Origin of Agni Purana
To which age this remarkable encyclopaedia or its separate parts belong, it is impossible to say. In spite of the fact that the work itself contains so much that is heterogeneous, there are still many Mahatmyas and similar texts which claim to belong to the Agni Purana, but do not occur in the manuscripts of the work itself.
The encyclopaedic character of the Agni Purana, as it is described, excludes it from any legitimate claims to be regarded as a Purana, and proves that its origin cannot be very remote. It is subsequent to the Itihasas, to the chief Work on grammar, rhetoric, and medicine, and to the introduction of the Tantrik worship of Devi. The materials of the Agni Purana are, however, no doubt, of some antiquity. The medicine of Susruta is considerably older than the ninth century; and the grammar of Panini probably precedes Christianity. The chapters on archery and arms and on regal administration are also distinguished an entirely Hindu character and must have been written long anterior to the Muslim invasion.
Content of Agni Purana
The subject matter of this Purana is two-fold-namely Paravidya, sacred knowledge or theology and Apara Vidya, profane knowledge or the arts and sciences known to the people. The contents of this Purana clearly show that it has no sectarian leaning. It impartially treats the Vaishnava, Shaiva and Sakta forms of worship. It is more a compendium of Sanskrit learning than the advocacy of any particular form of religion. It is classed among the Tamasa or the delusive division of the Puranas.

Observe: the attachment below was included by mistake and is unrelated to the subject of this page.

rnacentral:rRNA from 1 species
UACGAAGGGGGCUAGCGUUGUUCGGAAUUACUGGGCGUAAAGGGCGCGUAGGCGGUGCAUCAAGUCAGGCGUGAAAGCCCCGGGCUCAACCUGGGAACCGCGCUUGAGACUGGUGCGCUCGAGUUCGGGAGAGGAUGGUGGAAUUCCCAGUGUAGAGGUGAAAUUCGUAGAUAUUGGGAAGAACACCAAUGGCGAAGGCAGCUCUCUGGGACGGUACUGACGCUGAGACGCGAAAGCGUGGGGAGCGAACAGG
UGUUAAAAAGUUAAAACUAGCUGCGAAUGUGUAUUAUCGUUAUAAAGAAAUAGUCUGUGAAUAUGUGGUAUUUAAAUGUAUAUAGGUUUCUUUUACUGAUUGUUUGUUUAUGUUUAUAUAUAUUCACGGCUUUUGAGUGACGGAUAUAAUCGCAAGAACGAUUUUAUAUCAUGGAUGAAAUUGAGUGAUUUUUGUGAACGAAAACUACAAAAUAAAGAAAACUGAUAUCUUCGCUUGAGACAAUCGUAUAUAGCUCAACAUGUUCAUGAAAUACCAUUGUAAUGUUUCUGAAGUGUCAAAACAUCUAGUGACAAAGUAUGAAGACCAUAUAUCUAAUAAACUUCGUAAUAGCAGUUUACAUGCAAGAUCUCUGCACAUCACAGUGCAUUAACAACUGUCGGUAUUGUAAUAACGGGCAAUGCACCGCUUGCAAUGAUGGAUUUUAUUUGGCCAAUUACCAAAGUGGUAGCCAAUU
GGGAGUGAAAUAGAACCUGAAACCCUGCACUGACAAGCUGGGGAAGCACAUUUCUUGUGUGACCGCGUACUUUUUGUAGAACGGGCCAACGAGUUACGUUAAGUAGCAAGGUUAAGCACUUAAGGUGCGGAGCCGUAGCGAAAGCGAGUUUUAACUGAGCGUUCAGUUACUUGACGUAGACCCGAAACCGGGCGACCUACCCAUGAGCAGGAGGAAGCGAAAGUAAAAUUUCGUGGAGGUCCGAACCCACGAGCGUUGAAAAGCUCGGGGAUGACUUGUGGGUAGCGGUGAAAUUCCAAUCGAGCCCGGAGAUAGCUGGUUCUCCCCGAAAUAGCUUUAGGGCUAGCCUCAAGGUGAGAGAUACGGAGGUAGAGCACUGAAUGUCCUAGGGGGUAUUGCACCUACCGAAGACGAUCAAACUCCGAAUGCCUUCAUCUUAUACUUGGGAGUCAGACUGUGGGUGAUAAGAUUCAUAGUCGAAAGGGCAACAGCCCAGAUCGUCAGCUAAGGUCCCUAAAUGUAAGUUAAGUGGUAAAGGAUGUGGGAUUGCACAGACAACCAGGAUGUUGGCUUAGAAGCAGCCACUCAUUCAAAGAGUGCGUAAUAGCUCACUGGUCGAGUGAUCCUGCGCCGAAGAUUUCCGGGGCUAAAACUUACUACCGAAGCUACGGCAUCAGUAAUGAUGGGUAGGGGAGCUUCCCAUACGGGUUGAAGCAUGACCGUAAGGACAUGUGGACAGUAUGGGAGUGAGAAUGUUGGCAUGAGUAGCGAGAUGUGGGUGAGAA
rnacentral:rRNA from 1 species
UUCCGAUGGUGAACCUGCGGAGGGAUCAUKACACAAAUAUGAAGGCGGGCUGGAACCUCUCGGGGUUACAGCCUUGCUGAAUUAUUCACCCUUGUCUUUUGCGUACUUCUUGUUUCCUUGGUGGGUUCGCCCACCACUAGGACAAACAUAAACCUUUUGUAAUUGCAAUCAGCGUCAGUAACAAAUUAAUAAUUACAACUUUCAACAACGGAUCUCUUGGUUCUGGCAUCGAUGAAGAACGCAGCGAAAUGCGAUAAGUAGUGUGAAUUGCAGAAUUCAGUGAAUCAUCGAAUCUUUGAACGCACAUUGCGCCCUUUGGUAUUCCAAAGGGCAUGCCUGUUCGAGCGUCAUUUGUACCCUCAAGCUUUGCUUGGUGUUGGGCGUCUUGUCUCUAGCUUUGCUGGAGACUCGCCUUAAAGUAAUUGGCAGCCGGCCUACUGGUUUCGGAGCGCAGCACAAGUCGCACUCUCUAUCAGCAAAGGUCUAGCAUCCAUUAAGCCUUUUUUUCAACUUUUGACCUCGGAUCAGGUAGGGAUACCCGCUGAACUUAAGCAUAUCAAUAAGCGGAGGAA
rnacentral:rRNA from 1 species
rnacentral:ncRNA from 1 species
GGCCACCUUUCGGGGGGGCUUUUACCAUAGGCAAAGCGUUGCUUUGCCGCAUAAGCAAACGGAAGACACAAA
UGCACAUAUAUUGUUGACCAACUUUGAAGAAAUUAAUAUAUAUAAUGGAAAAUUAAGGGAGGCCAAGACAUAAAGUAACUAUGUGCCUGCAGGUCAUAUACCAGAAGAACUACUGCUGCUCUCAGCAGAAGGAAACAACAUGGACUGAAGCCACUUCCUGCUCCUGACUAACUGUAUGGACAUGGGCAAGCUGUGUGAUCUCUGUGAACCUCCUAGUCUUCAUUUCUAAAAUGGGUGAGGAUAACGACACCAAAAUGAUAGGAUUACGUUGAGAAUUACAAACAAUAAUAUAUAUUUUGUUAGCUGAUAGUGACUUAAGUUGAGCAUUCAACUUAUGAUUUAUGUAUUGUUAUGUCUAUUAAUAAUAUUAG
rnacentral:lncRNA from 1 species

The early chapters of this Purana describe the Avataras, and in those of Rama and Krishna, avowedly follow the Ramayana and Mahabharata. A considerable portion is given to instructions for the performance of religious ceremonies, many of which belong to the Tantrik rituals and are apparently written down from the principal authorities of that system. Interspersed with these are chapters descriptive of the earth and of the universe, which are same as those of the Vishnu Purana, and Mahatmyas or legends of the holy places, particularly of Gaya. Chapters on the duties of kings and on the art of war then occur, which seem to have been extracted from some older work, as is the chapter on judicature, which follows them, and which is the same as the text of the Mitakshara. Subsequent to these there is an account of the distribution and arrangement of the Vedas and Puranas and, in a chapter on gifts, we have a description of the Puranas, which is precisely the same and in the same situation, as the similar subject in the Matsya Purana. The subject of training in the use of arms and armour is treated in four chapters; of this archery is principally dealt with.
It may be noted that although it commences with Vishnu, gives directions for the ritual of the Vishnu cult and contains a Dvadasasahasri Stotra to Vishnu (Chapter 48), it is yet essentially a Shaivaite work and deals in detail with the mystic cult of the Linga and of Goddess Durga. It also gives instructions for the production of images of gods and their consecration, and refers to the cult of Ganesha (Chapter 71) and the sun-cult (Chapter 73). A few chapters (368-370) deal with death and transmigration and Yoga (371-379), Chapter 380 contains a summary of the doctrines of the Bhagavad Gita, and Chapter 381 a Yamagita. But the cosmological, genealogical and geographical sections peculiar to the Puranas are not missing.
It can be concluded that the Agni Purana is a detailed discourse given by Agni to sage Vasistha regarding various aspects of human life. The especially distinctive feature of this Purana is its encyclopaedic character. It actually deals with anything and everything. As has been seen, there are sections on geography, astronomy and astrology, on marriage and death customs, on omina and portenta, house building and other usages of daily life, and also on politics (niti) and the art of war, on law (in which it is closely connected with the law-book of Yajnavalkya), on medicine, metrics, poetry, and even on grammar and lexicography. The Agni Purana is valuable as embodying and preserving relics of antiquity, although compiled at a more recent date.